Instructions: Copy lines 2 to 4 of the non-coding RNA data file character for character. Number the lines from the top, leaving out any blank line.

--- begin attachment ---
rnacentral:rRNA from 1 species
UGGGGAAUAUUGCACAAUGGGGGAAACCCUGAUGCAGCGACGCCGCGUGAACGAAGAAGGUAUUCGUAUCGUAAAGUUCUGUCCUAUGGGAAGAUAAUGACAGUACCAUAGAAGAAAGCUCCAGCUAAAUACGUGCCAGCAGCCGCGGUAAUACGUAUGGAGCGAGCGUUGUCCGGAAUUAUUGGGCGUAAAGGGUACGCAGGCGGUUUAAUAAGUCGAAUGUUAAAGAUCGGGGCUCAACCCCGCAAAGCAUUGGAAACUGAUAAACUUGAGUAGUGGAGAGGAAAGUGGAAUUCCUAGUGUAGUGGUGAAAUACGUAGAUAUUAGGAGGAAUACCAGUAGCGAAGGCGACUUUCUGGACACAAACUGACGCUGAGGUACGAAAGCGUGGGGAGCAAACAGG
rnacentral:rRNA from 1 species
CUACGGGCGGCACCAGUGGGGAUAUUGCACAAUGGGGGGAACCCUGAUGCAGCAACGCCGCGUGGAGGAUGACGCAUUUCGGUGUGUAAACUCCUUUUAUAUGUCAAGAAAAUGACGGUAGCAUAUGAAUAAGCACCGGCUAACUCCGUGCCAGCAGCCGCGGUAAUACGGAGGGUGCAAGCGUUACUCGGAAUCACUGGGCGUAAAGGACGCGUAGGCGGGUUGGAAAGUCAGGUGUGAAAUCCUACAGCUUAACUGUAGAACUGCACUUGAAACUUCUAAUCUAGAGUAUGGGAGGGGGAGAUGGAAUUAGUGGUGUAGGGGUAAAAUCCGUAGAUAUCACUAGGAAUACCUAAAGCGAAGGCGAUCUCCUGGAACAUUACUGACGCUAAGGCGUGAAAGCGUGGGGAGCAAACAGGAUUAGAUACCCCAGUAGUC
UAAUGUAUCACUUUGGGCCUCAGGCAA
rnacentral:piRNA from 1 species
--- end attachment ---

UGGGGAAUAUUGCACAAUGGGGGAAACCCUGAUGCAGCGACGCCGCGUGAACGAAGAAGGUAUUCGUAUCGUAAAGUUCUGUCCUAUGGGAAGAUAAUGACAGUACCAUAGAAGAAAGCUCCAGCUAAAUACGUGCCAGCAGCCGCGGUAAUACGUAUGGAGCGAGCGUUGUCCGGAAUUAUUGGGCGUAAAGGGUACGCAGGCGGUUUAAUAAGUCGAAUGUUAAAGAUCGGGGCUCAACCCCGCAAAGCAUUGGAAACUGAUAAACUUGAGUAGUGGAGAGGAAAGUGGAAUUCCUAGUGUAGUGGUGAAAUACGUAGAUAUUAGGAGGAAUACCAGUAGCGAAGGCGACUUUCUGGACACAAACUGACGCUGAGGUACGAAAGCGUGGGGAGCAAACAGG
rnacentral:rRNA from 1 species
CUACGGGCGGCACCAGUGGGGAUAUUGCACAAUGGGGGGAACCCUGAUGCAGCAACGCCGCGUGGAGGAUGACGCAUUUCGGUGUGUAAACUCCUUUUAUAUGUCAAGAAAAUGACGGUAGCAUAUGAAUAAGCACCGGCUAACUCCGUGCCAGCAGCCGCGGUAAUACGGAGGGUGCAAGCGUUACUCGGAAUCACUGGGCGUAAAGGACGCGUAGGCGGGUUGGAAAGUCAGGUGUGAAAUCCUACAGCUUAACUGUAGAACUGCACUUGAAACUUCUAAUCUAGAGUAUGGGAGGGGGAGAUGGAAUUAGUGGUGUAGGGGUAAAAUCCGUAGAUAUCACUAGGAAUACCUAAAGCGAAGGCGAUCUCCUGGAACAUUACUGACGCUAAGGCGUGAAAGCGUGGGGAGCAAACAGGAUUAGAUACCCCAGUAGUC